Having lived in the United States my entire life, I haven’t been able to experience the joy of seeing a collage of beautiful, bright lanterns light up the night sky. The lanterns that are lit in Chinatown during the holiday are nothing to scoff at, but when I compare them to those that are described in the stories of my grandparents, I really do regret not having not gone to Asia at least once in my life.
But enough about my personal sentiment. The lanterns that are lit during Chinese holidays are usually made out of paper, and inside they hold a small candle. More recently, however, lanterns have begun to be made with plastic along with a battery-operated light on the inside in order to appeal to younger audiences. After all, having a child run in the streets with a highly flammable object is very dangerous. As I had mentioned previously in a different post, these lanterns can vary tremendously, coming in different colors, sizes, and shapes.
The scale of some of these productions never fail to disappoint. You can just imagine the smile on a kid’s face when a huge boat passes down a river lined with paper flowers and bright lights. There is a side of the lantern festivities that cater to the more intellectually-inclined person, too.
People who celebrate this holiday more traditionally also follow the custom of attaching small slips of paper to lanterns that have riddles written on them. Although these riddles are more commonly done during the Lantern Festival (not to be confused with the Mid-Autumn Festival), people still partake in challenging the various passersby. The riddles that are written on these lanterns often employ puns and the use of similar phonetics that are unique to the Chinese language (for example, 四 and 死 are both pronounced “si,” but the first character means four while the second character means death). Because of this, it is difficult to transcribe these riddles into other languages. The riddles often are written in short phrases, where there a question, a hint, and an answer, and all the while, no characters, except numbers, can be reused in the riddles. I’ve looked at a couple of riddles myself, and given that I can’t speak or write Chinese very well, I get completely lost.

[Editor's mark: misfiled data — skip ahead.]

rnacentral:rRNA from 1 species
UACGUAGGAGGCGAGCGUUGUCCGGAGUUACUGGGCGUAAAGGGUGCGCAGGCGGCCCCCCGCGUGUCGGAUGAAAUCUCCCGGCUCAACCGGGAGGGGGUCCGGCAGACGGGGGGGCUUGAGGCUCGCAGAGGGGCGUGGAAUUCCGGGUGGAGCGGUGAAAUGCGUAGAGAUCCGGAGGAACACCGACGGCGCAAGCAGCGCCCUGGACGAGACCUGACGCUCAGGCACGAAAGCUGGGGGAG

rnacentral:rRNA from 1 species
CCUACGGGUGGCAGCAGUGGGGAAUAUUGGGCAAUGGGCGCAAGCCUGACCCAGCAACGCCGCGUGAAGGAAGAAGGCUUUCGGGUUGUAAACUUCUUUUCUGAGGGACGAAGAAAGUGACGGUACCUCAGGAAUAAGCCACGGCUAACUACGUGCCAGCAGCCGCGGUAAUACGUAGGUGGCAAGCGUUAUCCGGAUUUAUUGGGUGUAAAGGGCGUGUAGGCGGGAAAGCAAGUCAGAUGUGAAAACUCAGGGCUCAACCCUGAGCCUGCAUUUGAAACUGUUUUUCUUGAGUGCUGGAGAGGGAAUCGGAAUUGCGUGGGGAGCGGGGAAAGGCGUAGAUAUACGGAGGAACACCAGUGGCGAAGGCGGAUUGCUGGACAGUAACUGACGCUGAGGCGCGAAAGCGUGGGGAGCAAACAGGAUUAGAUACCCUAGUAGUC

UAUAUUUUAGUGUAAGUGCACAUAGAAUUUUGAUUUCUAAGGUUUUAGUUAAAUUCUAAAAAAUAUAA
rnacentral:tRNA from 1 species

To save you, and myself, some frustration, here is an example of easy Chinese lantern riddle1.
Riddle: 田中 Hint: 学习字
Answer and Explanation: The riddle is pronounced “tian zhong,” which directly translates to “middle of the field” (‘田’ means field and ‘中’ means middle). The hint is pronounced “xue xi zi,” which means to study the characters. When you get this hint, it is literally telling you to look at the two characters given to you in the riddle. The phrase “middle of the field” with the hint “study the characters” is telling you to look at the 田 character, and from this, you get the answer 十, which means ten in Chinese.
With thousands of different Chinese characters, the lantern riddles can get very complicated, as you may imagine. These intellectually-stimulating riddles add another flavor to this major holiday, providing people with some food for thought as they stroll along a river bank. If you would like to solve more riddles, feel free to visit these websites: